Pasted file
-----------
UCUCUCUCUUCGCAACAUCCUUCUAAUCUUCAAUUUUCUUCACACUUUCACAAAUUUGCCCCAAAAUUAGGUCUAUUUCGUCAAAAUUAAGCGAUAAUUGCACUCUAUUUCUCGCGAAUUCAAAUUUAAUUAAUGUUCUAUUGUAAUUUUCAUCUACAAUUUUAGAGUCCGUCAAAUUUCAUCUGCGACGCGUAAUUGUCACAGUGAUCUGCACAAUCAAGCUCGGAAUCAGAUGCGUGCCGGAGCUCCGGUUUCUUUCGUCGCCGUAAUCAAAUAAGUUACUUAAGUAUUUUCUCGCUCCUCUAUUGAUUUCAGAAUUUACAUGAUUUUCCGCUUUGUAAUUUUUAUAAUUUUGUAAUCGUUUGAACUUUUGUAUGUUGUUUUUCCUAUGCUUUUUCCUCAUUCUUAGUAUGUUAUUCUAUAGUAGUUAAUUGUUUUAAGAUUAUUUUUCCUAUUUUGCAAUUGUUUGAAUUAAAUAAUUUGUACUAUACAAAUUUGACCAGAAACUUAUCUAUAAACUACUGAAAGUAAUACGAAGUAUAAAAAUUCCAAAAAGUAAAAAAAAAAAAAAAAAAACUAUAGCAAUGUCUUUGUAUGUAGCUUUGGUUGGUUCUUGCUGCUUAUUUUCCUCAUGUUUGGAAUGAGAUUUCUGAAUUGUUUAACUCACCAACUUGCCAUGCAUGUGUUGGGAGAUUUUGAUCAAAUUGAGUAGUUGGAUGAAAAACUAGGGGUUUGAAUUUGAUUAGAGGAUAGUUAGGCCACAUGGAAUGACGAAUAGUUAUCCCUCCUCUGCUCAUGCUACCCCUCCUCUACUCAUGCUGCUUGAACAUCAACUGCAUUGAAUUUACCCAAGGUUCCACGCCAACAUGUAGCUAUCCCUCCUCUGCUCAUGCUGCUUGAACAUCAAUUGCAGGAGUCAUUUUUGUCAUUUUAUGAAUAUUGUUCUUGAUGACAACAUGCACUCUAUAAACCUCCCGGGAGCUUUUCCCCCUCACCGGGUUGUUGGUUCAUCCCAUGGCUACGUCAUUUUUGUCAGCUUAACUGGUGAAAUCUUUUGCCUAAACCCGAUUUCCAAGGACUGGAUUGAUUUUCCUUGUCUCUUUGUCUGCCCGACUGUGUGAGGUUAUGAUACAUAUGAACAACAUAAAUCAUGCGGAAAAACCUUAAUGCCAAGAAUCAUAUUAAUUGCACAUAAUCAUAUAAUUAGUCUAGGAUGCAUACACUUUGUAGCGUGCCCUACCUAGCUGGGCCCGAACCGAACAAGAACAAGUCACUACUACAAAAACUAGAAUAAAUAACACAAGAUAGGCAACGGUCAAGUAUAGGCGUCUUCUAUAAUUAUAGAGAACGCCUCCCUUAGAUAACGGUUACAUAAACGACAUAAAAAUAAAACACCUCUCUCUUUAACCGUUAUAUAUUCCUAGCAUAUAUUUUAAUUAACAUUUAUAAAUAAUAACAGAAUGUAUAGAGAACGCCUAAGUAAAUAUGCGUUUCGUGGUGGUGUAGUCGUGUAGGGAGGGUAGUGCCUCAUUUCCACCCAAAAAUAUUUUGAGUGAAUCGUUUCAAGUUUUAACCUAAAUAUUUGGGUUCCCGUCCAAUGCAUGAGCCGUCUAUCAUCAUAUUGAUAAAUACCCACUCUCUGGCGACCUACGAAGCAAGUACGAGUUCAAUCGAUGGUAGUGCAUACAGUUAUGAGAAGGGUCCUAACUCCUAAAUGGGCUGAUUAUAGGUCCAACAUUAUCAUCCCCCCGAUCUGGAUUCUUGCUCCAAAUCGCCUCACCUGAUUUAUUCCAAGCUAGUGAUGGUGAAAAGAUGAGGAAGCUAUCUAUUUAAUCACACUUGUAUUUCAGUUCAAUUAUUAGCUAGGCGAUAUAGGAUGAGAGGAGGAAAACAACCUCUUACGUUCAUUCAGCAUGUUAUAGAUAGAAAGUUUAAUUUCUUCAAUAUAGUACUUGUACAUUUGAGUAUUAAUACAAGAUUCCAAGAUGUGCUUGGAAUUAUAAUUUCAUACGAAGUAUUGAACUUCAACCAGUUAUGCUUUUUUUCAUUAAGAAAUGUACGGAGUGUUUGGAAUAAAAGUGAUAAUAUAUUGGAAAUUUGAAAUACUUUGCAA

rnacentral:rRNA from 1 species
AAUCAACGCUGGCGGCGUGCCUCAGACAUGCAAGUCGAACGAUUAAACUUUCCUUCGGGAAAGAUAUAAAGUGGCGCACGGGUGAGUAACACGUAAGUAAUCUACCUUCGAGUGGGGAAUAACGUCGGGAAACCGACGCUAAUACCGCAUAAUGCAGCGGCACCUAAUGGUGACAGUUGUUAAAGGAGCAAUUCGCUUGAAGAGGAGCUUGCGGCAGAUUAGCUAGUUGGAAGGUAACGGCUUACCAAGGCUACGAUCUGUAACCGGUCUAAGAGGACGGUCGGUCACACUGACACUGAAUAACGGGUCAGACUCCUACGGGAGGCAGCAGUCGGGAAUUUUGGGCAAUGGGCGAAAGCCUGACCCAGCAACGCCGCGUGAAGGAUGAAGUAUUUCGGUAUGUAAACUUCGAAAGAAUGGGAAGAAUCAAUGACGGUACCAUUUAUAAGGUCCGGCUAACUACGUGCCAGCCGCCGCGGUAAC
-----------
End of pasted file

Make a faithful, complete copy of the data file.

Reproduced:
UCUCUCUCUUCGCAACAUCCUUCUAAUCUUCAAUUUUCUUCACACUUUCACAAAUUUGCCCCAAAAUUAGGUCUAUUUCGUCAAAAUUAAGCGAUAAUUGCACUCUAUUUCUCGCGAAUUCAAAUUUAAUUAAUGUUCUAUUGUAAUUUUCAUCUACAAUUUUAGAGUCCGUCAAAUUUCAUCUGCGACGCGUAAUUGUCACAGUGAUCUGCACAAUCAAGCUCGGAAUCAGAUGCGUGCCGGAGCUCCGGUUUCUUUCGUCGCCGUAAUCAAAUAAGUUACUUAAGUAUUUUCUCGCUCCUCUAUUGAUUUCAGAAUUUACAUGAUUUUCCGCUUUGUAAUUUUUAUAAUUUUGUAAUCGUUUGAACUUUUGUAUGUUGUUUUUCCUAUGCUUUUUCCUCAUUCUUAGUAUGUUAUUCUAUAGUAGUUAAUUGUUUUAAGAUUAUUUUUCCUAUUUUGCAAUUGUUUGAAUUAAAUAAUUUGUACUAUACAAAUUUGACCAGAAACUUAUCUAUAAACUACUGAAAGUAAUACGAAGUAUAAAAAUUCCAAAAAGUAAAAAAAAAAAAAAAAAAACUAUAGCAAUGUCUUUGUAUGUAGCUUUGGUUGGUUCUUGCUGCUUAUUUUCCUCAUGUUUGGAAUGAGAUUUCUGAAUUGUUUAACUCACCAACUUGCCAUGCAUGUGUUGGGAGAUUUUGAUCAAAUUGAGUAGUUGGAUGAAAAACUAGGGGUUUGAAUUUGAUUAGAGGAUAGUUAGGCCACAUGGAAUGACGAAUAGUUAUCCCUCCUCUGCUCAUGCUACCCCUCCUCUACUCAUGCUGCUUGAACAUCAACUGCAUUGAAUUUACCCAAGGUUCCACGCCAACAUGUAGCUAUCCCUCCUCUGCUCAUGCUGCUUGAACAUCAAUUGCAGGAGUCAUUUUUGUCAUUUUAUGAAUAUUGUUCUUGAUGACAACAUGCACUCUAUAAACCUCCCGGGAGCUUUUCCCCCUCACCGGGUUGUUGGUUCAUCCCAUGGCUACGUCAUUUUUGUCAGCUUAACUGGUGAAAUCUUUUGCCUAAACCCGAUUUCCAAGGACUGGAUUGAUUUUCCUUGUCUCUUUGUCUGCCCGACUGUGUGAGGUUAUGAUACAUAUGAACAACAUAAAUCAUGCGGAAAAACCUUAAUGCCAAGAAUCAUAUUAAUUGCACAUAAUCAUAUAAUUAGUCUAGGAUGCAUACACUUUGUAGCGUGCCCUACCUAGCUGGGCCCGAACCGAACAAGAACAAGUCACUACUACAAAAACUAGAAUAAAUAACACAAGAUAGGCAACGGUCAAGUAUAGGCGUCUUCUAUAAUUAUAGAGAACGCCUCCCUUAGAUAACGGUUACAUAAACGACAUAAAAAUAAAACACCUCUCUCUUUAACCGUUAUAUAUUCCUAGCAUAUAUUUUAAUUAACAUUUAUAAAUAAUAACAGAAUGUAUAGAGAACGCCUAAGUAAAUAUGCGUUUCGUGGUGGUGUAGUCGUGUAGGGAGGGUAGUGCCUCAUUUCCACCCAAAAAUAUUUUGAGUGAAUCGUUUCAAGUUUUAACCUAAAUAUUUGGGUUCCCGUCCAAUGCAUGAGCCGUCUAUCAUCAUAUUGAUAAAUACCCACUCUCUGGCGACCUACGAAGCAAGUACGAGUUCAAUCGAUGGUAGUGCAUACAGUUAUGAGAAGGGUCCUAACUCCUAAAUGGGCUGAUUAUAGGUCCAACAUUAUCAUCCCCCCGAUCUGGAUUCUUGCUCCAAAUCGCCUCACCUGAUUUAUUCCAAGCUAGUGAUGGUGAAAAGAUGAGGAAGCUAUCUAUUUAAUCACACUUGUAUUUCAGUUCAAUUAUUAGCUAGGCGAUAUAGGAUGAGAGGAGGAAAACAACCUCUUACGUUCAUUCAGCAUGUUAUAGAUAGAAAGUUUAAUUUCUUCAAUAUAGUACUUGUACAUUUGAGUAUUAAUACAAGAUUCCAAGAUGUGCUUGGAAUUAUAAUUUCAUACGAAGUAUUGAACUUCAACCAGUUAUGCUUUUUUUCAUUAAGAAAUGUACGGAGUGUUUGGAAUAAAAGUGAUAAUAUAUUGGAAAUUUGAAAUACUUUGCAA

rnacentral:rRNA from 1 species
AAUCAACGCUGGCGGCGUGCCUCAGACAUGCAAGUCGAACGAUUAAACUUUCCUUCGGGAAAGAUAUAAAGUGGCGCACGGGUGAGUAACACGUAAGUAAUCUACCUUCGAGUGGGGAAUAACGUCGGGAAACCGACGCUAAUACCGCAUAAUGCAGCGGCACCUAAUGGUGACAGUUGUUAAAGGAGCAAUUCGCUUGAAGAGGAGCUUGCGGCAGAUUAGCUAGUUGGAAGGUAACGGCUUACCAAGGCUACGAUCUGUAACCGGUCUAAGAGGACGGUCGGUCACACUGACACUGAAUAACGGGUCAGACUCCUACGGGAGGCAGCAGUCGGGAAUUUUGGGCAAUGGGCGAAAGCCUGACCCAGCAACGCCGCGUGAAGGAUGAAGUAUUUCGGUAUGUAAACUUCGAAAGAAUGGGAAGAAUCAAUGACGGUACCAUUUAUAAGGUCCGGCUAACUACGUGCCAGCCGCCGCGGUAAC